Fascinating stuff. Really makes you think.
There is an interesting article on the BBC today about the reasons some people prefer bars of soap to liquid soap or shower gel. The five reasons given in the article are:
1) It’s what people have always used.
2) Solid soap is more luxurious.
3) The feeling of scouring away the dirt in the shower (not quite sure what this means).
4) Less packaging is better for the planet.
5) Bottles are fiddly.
I would add the following as advantages to using bars of soap:
6) Bars of soap are often cheaper. I can buy a bar of pure soap for a lot less than I can buy ‘pure’ shower gel. Also, household soap can be used to make laundry liquid. Soap can even be used to wash your hair, with a bit of effort.
7) A little goes a long way! A bar of soap in the kitchen or cloakroom lasts a lot longer than liquid soap. This saves packaging, transportation and energy (because the more of a product there is, and the more quickly it is used up, the more energy is used in its manufacture and transportation).
8) Soap lathers up just as well as shower gel. I like to use a scrunchie in the shower – is that what they’re called? One of those things on the right -> If I wet the bar of soap, wet the scrunchie and then rub the soap on the scrunchie, it lathers up really well but uses up very little of the actual bar. I was given a pile of shower gel for Christmas which my son won at the school Christmas fair so I am steadily making my way through that, but once it’s gone I will happily return to using my bars of soap!
9) You can make your own soap very easily using ‘melt and pour‘ soap and you can customise it to whatever shape, scent and colour you prefer. This cuts down on packaging and transportation, and is probably the best option for those seeking to be more eco-friendly.
What do you think?
I have neglected this blog lately, although I have a lot of ideas in the pipeline. My health has been up and down, which of course affects blogging as well as my ability to be as actively eco-friendly as I’d like. I don’t beat myself up over it – what’s the point? If you’re not well, you’re not well, but you do your best and that’s good enough (why is that such a hard lesson to learn?).
I have, however, begun gardening for the first time in my life (seriously – I didn’t know a weed from a rake), and gobbling up gardening books. I was dead chuffed when I planted my first potatoes earlier this week. I highly recommend Geoff Stebbings’ Growing Your Own Fruit & Veg for Dummies, along with a book about tackling and identifying weeds, which are a big problem in our neglected Victorian garden, though even in its neglected state it is gorgeous. The cat which used to poop all over the garden seems to have gone, which is a relief. I am not a cat lover and I think anyone who is serious about the environment should give consideration to the fact that domestic cats are responsible for the deaths of millions of birds and thus have a huge effect on ecosystems.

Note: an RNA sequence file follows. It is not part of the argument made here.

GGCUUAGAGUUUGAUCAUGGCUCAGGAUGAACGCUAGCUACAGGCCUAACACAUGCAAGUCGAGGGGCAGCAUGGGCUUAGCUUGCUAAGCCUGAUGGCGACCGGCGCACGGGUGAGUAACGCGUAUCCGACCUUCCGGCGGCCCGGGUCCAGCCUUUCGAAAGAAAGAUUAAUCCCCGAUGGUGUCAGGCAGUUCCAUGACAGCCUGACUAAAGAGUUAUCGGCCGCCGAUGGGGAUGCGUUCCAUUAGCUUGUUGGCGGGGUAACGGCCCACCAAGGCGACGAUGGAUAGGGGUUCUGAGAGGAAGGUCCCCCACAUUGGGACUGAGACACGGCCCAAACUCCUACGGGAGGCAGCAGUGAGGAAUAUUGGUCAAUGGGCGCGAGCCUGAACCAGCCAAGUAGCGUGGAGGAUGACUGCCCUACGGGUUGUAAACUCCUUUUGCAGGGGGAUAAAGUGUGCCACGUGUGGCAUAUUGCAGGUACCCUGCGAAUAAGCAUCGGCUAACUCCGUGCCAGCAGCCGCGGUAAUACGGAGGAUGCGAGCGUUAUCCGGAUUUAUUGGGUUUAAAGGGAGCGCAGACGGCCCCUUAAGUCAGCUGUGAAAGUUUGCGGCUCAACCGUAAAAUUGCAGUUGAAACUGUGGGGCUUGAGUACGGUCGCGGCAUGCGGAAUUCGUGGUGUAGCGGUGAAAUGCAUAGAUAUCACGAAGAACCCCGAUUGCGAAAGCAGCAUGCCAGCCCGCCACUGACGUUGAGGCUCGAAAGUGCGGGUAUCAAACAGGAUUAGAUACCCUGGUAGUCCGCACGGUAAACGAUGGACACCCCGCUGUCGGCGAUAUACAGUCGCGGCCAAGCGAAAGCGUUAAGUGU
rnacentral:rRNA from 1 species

I follow FlyLady and am making good use of her decluttering system. The first thing you need before you can declutter is a home for an item. This is rule no. 1. The home can be a shelf, a box, a wardrobe, a box of items for charity, a box of items for recycling or, as a last resort, a bin bag for things that have no use for anyone and cannot be recycled. Of course, decluttering only works if you then take the donations, etc., out of the house. I spent a long time thinking that putting things in charity bags or in boxes ‘for recycling’ was good enough. They still didn’t grow legs and walk out of the house! Decluttering is, in essence, deciding where something belongs. If you declutter for 15 minutes a day, as FlyLady suggests, you will soon see significant results.
While decluttering, I realised I have many items that are useful and reusable, but only at certain times of year, e.g. children’s birthday party items. It suddenly dawned on me that it would be useful to have all ‘birthday’ things in one place. I didn’t want to go out and buy more boxes, and was inspired by Alejandra’s tips on creating storage boxes from things you already have.
I do try to get the whole family in on the eco-friendly/FlyLady act. It’s no good if Mum is busily tidying and everyone else thinks there’s an invisible cleaning fairy who picks up after them and cleans all their messes. Hey, kids! There is no invisible magical anyone. You need to learn to pick up after yourself. I began by taking a used but sturdy cardboard box and sticking strips of colourful tape to one of the sides. It was then time for the school run and my excitable, creative 9-year-old, when she came home, wanted to help. I reassured her that it doesn’t have to be perfect to be useful and ta daaaa!